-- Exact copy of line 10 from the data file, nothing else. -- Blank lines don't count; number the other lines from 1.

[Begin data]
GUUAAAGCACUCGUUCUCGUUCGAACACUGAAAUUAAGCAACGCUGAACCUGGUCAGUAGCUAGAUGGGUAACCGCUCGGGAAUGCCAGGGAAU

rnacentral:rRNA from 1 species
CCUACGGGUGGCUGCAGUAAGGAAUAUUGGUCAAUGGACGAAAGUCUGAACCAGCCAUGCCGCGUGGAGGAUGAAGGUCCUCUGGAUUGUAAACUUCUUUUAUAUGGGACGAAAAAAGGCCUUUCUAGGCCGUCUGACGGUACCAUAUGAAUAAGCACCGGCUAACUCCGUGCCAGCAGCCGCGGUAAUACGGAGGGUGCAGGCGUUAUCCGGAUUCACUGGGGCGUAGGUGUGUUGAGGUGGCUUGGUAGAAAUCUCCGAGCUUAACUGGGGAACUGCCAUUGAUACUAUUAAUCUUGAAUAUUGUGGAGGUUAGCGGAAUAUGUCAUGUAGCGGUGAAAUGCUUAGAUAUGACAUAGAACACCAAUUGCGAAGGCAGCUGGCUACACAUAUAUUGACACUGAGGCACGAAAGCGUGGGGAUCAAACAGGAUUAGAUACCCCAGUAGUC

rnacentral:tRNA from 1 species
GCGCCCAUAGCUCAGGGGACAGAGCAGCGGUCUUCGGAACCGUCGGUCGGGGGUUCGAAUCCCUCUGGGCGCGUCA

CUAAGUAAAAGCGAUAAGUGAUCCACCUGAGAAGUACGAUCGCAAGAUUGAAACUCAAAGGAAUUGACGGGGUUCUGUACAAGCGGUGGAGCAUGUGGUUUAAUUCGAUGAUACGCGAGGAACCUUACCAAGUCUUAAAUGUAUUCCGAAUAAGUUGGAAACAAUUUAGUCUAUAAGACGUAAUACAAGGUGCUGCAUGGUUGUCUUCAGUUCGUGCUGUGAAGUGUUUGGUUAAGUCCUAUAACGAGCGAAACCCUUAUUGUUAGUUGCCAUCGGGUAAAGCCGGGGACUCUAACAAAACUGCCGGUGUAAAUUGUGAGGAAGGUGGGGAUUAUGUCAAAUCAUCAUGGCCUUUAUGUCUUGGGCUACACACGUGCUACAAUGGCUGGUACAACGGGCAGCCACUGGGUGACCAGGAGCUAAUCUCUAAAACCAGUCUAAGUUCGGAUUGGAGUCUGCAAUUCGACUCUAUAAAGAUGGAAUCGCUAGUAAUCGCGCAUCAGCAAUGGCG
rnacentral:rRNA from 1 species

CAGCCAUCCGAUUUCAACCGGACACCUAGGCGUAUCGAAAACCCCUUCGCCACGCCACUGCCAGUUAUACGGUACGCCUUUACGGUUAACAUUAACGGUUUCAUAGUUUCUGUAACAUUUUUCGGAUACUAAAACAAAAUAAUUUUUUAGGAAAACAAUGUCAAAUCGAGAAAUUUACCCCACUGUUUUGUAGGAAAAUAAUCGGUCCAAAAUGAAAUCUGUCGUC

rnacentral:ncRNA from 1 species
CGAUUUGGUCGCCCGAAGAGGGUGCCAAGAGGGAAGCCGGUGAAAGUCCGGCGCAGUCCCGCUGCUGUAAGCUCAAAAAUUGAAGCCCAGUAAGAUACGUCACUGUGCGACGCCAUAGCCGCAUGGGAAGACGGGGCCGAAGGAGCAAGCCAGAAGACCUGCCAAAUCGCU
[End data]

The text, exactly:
CGAUUUGGUCGCCCGAAGAGGGUGCCAAGAGGGAAGCCGGUGAAAGUCCGGCGCAGUCCCGCUGCUGUAAGCUCAAAAAUUGAAGCCCAGUAAGAUACGUCACUGUGCGACGCCAUAGCCGCAUGGGAAGACGGGGCCGAAGGAGCAAGCCAGAAGACCUGCCAAAUCGCU